Édouard Manet - Boy in Flowers 1873

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Boy in Flowers 1873

Boy in Flowers. Jacques Hoschede 1873
60x97cm oil/canvas
National Museum of Western Art, Tokyo

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From National Museum of Western Art, Tokyo:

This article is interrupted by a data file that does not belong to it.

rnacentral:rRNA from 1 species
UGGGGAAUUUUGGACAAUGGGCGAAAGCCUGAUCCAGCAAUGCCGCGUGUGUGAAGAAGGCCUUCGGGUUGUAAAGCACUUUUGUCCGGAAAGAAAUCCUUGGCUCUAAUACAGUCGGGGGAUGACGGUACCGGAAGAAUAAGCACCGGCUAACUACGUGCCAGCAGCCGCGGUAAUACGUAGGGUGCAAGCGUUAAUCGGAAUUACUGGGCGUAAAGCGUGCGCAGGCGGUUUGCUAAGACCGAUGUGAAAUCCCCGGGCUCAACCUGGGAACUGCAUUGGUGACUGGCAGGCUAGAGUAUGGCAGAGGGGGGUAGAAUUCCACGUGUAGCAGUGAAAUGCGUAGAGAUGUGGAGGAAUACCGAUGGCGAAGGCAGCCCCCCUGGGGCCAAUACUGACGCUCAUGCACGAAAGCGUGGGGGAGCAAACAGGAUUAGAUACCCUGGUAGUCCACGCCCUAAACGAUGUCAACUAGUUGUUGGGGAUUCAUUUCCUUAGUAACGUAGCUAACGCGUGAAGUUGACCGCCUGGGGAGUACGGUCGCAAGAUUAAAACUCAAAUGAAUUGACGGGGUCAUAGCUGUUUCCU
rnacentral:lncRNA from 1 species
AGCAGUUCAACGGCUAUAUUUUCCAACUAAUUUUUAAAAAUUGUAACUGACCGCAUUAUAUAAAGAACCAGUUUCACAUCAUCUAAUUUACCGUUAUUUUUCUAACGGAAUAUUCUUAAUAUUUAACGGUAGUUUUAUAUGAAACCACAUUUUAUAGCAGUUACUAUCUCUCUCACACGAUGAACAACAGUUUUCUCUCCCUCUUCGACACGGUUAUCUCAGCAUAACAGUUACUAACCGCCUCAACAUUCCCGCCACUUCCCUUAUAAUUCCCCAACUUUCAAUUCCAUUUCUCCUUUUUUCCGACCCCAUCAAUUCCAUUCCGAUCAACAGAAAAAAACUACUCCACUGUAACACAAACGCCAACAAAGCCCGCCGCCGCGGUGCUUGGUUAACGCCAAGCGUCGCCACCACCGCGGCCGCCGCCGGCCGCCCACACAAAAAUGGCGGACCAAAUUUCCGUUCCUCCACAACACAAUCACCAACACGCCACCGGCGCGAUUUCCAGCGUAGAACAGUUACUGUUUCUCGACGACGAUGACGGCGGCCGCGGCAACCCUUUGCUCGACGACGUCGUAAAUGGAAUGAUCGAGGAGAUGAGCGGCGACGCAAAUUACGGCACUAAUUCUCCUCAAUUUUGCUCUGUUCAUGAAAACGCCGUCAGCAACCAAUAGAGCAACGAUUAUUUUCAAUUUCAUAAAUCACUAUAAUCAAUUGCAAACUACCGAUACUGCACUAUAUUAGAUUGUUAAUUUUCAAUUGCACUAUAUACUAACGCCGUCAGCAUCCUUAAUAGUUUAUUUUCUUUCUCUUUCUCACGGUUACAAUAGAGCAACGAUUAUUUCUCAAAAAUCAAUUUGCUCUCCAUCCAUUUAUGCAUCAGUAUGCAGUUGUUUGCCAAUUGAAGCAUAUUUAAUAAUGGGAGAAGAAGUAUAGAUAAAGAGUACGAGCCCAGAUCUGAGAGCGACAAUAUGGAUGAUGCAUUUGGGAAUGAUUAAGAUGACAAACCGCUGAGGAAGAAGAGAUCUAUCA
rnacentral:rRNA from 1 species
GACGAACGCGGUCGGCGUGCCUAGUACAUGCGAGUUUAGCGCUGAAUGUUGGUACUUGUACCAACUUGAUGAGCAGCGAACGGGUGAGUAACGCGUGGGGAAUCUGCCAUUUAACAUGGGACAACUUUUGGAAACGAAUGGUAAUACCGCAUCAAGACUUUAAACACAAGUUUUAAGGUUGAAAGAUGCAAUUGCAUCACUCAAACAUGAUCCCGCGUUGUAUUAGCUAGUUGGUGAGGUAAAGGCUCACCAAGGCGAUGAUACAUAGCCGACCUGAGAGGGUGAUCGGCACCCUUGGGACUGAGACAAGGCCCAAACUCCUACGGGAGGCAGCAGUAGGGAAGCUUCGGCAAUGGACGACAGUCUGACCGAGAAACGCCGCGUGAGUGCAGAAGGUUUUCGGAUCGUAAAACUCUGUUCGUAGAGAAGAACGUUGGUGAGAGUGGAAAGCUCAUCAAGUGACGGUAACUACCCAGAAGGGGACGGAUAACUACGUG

During the summer of 1876 Manet visited the small village of Montgeron in the province of Seine-et-Oise to the east of Paris upon the invitation of a patron of the Impressionists, the businessman Ernest Hoschedé. (Hoschedé's wife Alice later became Monet's second wife). During his two week visit Manet painted this and several other works to decorate the Hoschedé country home. However, Manet returned to Paris with works unfinished and they remained in his studio until his death in 1883. This work shows Jacques, the oldest son among Hoschedé's six children, in the flower garden of the Hoschedé home. The painting also shows a decorative vase that appears occasionally in other works by Manet. During this period Manet abandoned his 1860s painting style with its heavy use of black and its flat application of color, and began to use a brighter palette and livelier brushwork under the influence of the Impressionists, particularly Monet. He painted scenes from "modern life" under bright outdoor light and the formal and subject characteristics of this work confirm the style of his 1870s work. The decorative composition also suggests the influence of Japanese art, particularly that of the Rimpa school. (Source: Masterpieces of the National Museum of Western Art, Tokyo, 2009, cat. no.68)